So why did I write the book? To start a bigger conversation. I had the opportunity to cross-pollinate between domains and bring information from one domain to another, and as a public-facing media person who can write a short, readable book and go on the radio to talk about it, I can bring these ideas from all of these domains to the outside world. As Prof. Wiley writes:

“This is a complex, multi-faceted problem we’re trying to solve, and the better people are versed in all its aspects, the better off we will be.”

Also, I’m always thinking about the experience of the individuals known as students. The last chapter of the book is a guide for them for this reason.
I really feel like it’s the biggest missing piece from this conversation, and as I start going to more and more of these conferences and gatherings, I look around and say, where the hell are they? (Not grad students; you guys are pre-professional academics). In fact, I got an invite to speak at a higher ed conference just last week, and they explicitly said, “You will be representing the voice of the students by default” (AKA I guess b/c I’m in my 20s for 6 more months and everyone else there is 10 years older).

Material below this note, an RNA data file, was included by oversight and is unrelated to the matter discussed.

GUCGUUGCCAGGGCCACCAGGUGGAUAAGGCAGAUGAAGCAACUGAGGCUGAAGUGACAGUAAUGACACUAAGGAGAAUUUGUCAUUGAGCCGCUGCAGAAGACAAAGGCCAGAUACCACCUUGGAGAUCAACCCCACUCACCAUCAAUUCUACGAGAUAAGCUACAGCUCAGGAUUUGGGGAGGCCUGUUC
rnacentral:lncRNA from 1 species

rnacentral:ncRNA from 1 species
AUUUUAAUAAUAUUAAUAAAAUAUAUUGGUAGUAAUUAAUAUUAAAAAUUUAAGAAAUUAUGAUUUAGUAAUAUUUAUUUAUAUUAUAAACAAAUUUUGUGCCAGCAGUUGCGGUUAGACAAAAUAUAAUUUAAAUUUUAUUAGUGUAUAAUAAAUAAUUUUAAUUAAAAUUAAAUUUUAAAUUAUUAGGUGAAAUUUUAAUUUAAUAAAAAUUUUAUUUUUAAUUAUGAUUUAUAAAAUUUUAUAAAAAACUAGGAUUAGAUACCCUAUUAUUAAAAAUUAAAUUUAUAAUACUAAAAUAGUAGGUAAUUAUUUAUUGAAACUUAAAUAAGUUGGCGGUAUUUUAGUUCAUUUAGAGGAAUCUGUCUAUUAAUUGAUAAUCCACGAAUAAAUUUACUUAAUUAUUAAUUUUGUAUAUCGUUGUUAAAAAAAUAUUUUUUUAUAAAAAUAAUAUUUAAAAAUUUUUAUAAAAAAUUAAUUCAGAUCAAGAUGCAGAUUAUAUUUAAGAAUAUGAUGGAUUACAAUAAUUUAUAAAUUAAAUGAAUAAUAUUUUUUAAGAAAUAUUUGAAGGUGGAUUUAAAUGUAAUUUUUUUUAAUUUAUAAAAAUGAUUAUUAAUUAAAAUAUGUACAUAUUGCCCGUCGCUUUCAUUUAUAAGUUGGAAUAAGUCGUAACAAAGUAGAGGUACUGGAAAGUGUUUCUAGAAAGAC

I am not your students. I don’t want to speak for them. If you can’t figure out how to include them in the conversation, that is exactly what’s wrong with this picture.
When Prof. Feldstein says that the vision is incomplete, I think that this piece is exactly what’s missing. You can’t create a revolutionary new education system *for* people. What’s happening in social media is showing that bottom-up, user participation is the only way.
Prof. Downes hits this point really well, I think.
“In fact, what we see on the internet, and especially (albeit constrained) in web 2.0 services, a blossoming of creativity and initiative. Even if this currently represents only a minority of the population (and studies, depending on how you look at them, argue both ways) it seems clear that this is something that has taken hold and is in the process of becoming mainstream. It is activity and work that is taking place outside educational institutions, and would, if it could, take place outside the corporate environment. ”

I would like to make visible the learning that people (students is such a dull word) are doing of their own accord and own initiative. I think when certain educational projects (Wikipedia and TED Talks are two obvious examples) get too popular, audience-driven and exciting they naturally exit the realm of what we consider to be education, because we all know education is boring, hard work imposed from outside authorities.